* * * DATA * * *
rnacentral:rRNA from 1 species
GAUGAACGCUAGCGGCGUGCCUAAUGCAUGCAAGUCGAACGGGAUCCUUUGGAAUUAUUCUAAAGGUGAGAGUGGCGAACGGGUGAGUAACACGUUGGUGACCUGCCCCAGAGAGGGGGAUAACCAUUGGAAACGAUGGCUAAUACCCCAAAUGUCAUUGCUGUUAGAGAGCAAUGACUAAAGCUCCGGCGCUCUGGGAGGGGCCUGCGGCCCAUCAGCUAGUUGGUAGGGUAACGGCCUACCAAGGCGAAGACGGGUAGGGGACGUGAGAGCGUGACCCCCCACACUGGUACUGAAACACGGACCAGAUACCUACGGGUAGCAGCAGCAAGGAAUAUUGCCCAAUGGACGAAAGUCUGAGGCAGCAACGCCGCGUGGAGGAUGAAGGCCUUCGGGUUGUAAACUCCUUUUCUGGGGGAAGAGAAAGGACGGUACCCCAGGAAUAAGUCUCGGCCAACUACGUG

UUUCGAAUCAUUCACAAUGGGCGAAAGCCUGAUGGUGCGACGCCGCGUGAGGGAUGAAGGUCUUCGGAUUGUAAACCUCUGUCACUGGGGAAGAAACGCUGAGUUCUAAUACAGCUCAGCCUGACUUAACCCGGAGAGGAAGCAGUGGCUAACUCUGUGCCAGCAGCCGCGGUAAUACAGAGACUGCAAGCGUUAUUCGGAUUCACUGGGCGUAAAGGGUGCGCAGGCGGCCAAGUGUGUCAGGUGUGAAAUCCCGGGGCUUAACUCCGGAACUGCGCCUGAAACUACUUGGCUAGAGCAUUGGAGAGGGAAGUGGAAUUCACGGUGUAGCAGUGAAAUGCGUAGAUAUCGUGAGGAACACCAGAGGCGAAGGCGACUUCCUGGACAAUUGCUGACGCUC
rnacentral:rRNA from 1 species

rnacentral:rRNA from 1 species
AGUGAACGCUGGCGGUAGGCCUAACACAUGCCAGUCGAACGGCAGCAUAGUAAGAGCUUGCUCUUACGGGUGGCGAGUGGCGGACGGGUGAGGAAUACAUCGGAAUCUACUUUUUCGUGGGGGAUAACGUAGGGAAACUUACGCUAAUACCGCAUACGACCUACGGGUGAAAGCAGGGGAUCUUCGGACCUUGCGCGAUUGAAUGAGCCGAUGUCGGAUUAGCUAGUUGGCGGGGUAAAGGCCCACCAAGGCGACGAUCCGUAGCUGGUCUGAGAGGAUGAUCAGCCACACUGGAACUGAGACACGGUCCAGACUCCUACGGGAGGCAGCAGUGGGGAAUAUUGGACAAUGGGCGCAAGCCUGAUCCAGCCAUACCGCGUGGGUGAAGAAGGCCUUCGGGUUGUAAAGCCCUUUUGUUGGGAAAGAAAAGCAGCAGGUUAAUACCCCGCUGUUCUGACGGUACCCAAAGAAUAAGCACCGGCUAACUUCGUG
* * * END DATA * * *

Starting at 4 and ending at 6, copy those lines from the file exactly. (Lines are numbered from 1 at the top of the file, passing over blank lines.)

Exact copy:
rnacentral:rRNA from 1 species

rnacentral:rRNA from 1 species
AGUGAACGCUGGCGGUAGGCCUAACACAUGCCAGUCGAACGGCAGCAUAGUAAGAGCUUGCUCUUACGGGUGGCGAGUGGCGGACGGGUGAGGAAUACAUCGGAAUCUACUUUUUCGUGGGGGAUAACGUAGGGAAACUUACGCUAAUACCGCAUACGACCUACGGGUGAAAGCAGGGGAUCUUCGGACCUUGCGCGAUUGAAUGAGCCGAUGUCGGAUUAGCUAGUUGGCGGGGUAAAGGCCCACCAAGGCGACGAUCCGUAGCUGGUCUGAGAGGAUGAUCAGCCACACUGGAACUGAGACACGGUCCAGACUCCUACGGGAGGCAGCAGUGGGGAAUAUUGGACAAUGGGCGCAAGCCUGAUCCAGCCAUACCGCGUGGGUGAAGAAGGCCUUCGGGUUGUAAAGCCCUUUUGUUGGGAAAGAAAAGCAGCAGGUUAAUACCCCGCUGUUCUGACGGUACCCAAAGAAUAAGCACCGGCUAACUUCGUG